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All Issues > Volume 14, Issue 6


<< Monday, November 9, 1998 >> Dedication of St. John Lateran
 
1 Maccabees 4:52-59
1 Corinthians 3:9-13, 16-17

View Readings
Psalm 84
John 2:13-22

Similar Reflections
 

RECONSTRUCTING THE CHURCH

 
"I laid a foundation as a wise master-builder might do, and now someone else is building upon it. Everyone, however, must be careful how he builds." —1 Corinthians 3:10
 

At Pentecost, the Church began as a network of small, home-based communities. "They devoted themselves to the apostles' instruction and the communal life" (Acts 2:42). These communities were something like the way Jesus lived with His disciples and twelve apostles. These small, home-based communities were united with the other small, Christian communities in their region and became city-churches, such as Corinth, Rome, Jerusalem, etc. These city-churches were united by the universal Church with other regional networks of communities. In the early 300s, several small, home-based communities in Rome united with other Christian communities. For these communities to come together regularly, the forerunner of the first parish church was built, the church of John Lateran, named after John the Baptist and the Lateran family who donated the land. Thus, a parish was originally a small network of small communities.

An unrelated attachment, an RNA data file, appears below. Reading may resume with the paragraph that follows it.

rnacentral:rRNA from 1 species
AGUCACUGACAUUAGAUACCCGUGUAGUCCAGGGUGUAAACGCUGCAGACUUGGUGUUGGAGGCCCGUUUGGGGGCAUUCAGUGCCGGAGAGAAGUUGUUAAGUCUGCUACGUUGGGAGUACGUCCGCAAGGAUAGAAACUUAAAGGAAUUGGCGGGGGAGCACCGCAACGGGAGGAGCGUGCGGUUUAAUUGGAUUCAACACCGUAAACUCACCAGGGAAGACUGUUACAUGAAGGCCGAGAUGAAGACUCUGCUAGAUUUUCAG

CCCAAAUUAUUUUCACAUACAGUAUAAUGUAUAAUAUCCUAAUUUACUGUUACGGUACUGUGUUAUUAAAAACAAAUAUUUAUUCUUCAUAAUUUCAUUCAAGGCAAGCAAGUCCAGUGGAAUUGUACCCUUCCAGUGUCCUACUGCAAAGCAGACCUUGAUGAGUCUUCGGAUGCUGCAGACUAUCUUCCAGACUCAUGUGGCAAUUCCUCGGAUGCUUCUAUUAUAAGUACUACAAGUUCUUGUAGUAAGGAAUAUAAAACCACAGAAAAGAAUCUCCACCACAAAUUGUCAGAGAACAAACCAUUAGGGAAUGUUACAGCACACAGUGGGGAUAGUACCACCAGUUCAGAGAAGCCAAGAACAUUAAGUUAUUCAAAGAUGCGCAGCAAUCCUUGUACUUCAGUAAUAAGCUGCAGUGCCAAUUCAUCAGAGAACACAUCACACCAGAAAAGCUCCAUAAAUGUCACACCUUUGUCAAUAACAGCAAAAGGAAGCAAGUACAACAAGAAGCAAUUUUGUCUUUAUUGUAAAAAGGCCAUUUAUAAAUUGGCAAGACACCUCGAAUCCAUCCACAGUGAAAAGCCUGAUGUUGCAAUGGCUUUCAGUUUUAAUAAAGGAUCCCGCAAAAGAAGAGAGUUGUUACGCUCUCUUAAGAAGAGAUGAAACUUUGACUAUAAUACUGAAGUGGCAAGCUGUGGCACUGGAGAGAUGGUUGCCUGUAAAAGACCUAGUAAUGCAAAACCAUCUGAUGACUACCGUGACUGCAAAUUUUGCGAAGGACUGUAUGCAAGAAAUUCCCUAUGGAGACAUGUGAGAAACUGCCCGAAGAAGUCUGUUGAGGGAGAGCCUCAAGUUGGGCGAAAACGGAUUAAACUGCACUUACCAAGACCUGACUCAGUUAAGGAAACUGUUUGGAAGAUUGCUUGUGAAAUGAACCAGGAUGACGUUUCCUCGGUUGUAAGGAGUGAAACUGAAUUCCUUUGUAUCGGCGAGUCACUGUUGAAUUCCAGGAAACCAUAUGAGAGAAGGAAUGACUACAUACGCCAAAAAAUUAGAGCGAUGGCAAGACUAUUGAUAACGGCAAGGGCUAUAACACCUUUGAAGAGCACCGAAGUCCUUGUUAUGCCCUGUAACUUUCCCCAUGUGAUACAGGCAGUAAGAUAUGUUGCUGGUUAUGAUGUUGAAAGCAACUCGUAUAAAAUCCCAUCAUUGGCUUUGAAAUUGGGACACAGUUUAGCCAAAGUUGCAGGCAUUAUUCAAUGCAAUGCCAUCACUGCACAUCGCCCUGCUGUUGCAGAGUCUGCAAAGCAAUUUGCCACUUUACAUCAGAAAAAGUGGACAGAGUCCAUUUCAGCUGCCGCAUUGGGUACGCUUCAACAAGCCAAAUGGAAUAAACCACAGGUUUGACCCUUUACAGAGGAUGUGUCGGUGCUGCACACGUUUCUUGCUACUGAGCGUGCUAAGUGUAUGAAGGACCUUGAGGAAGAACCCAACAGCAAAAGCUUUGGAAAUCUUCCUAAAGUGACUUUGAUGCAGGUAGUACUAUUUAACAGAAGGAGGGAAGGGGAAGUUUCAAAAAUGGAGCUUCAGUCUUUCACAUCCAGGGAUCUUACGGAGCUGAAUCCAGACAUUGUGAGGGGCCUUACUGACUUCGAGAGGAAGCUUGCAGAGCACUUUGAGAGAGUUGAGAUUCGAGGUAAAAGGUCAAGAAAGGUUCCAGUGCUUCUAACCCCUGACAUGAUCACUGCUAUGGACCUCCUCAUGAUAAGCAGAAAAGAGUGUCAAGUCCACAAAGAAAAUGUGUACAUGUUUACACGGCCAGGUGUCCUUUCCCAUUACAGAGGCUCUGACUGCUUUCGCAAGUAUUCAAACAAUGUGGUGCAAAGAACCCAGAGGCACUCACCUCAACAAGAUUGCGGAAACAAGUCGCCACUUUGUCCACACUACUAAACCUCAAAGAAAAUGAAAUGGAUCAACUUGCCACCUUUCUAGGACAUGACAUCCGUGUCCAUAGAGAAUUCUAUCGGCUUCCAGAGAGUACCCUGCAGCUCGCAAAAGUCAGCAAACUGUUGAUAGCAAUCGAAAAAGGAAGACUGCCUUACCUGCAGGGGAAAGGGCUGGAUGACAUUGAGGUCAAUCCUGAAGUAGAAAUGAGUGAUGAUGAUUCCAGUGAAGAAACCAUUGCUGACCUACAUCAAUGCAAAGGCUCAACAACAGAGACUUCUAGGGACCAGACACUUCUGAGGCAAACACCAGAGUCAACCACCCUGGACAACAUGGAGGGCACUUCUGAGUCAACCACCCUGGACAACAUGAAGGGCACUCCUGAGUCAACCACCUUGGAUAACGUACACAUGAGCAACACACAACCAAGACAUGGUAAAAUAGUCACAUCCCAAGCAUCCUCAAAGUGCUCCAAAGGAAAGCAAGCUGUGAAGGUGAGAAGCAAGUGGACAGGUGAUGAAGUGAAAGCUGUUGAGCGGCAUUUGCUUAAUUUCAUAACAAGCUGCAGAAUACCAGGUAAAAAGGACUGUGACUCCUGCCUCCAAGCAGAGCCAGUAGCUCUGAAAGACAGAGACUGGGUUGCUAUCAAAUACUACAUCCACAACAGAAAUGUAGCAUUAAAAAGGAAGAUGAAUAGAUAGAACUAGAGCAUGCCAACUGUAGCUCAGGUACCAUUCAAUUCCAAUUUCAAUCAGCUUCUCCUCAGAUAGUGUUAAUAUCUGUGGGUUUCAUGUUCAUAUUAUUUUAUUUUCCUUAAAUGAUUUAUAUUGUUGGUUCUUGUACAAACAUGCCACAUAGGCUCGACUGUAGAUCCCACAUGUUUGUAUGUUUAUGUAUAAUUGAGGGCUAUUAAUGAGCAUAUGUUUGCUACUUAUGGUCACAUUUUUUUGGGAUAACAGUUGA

Parishes have changed over the centuries. Some of these changes have been good, but it is important that a parish be true to its roots. It must be essentially a small network of small Christian communities. However, the parish has not only developed but has essentially changed in much of the Western world. The parish has lost its roots, and the parish, the infra-structure of the Church, has fallen apart. Therefore, "it is necessary that in light of the faith all rediscover the true meaning of the parish" (Lay Members of Christ's Faithful People, Pope John Paul II, 26). Love the Church (Eph 5:25). Reconstruct it.

 
Prayer: Father, may small, home-based, Christian "communities decentralize and organize the parish" (The Mission of the Redeemer, Pope John Paul II, 51).
Promise: "Zeal for Your house consumes me." —Jn 2:17
Praise: "How lovely is Your dwelling place, O Lord!" (Ps 84:2)
 
 
 
Nihil obstat: Reverend Robert L. Hagedorn, April 4, 1998
Imprimatur: †Most Reverend Carl K. Moeddel, Vicar General and Auxiliary Bishop of the Archdiocese of Cincinnati, April 8, 1998
 
The Nihil obstat and Imprimatur are a declaration that a book or pamphlet is considered to be free from doctrinal or moral error. It is not implied that those who have granted the Nihil obstat and Imprimatur agree with the contents, opinions, or statements expressed.
Donations appeal letter - please read
 
Volume 14, Issue 6
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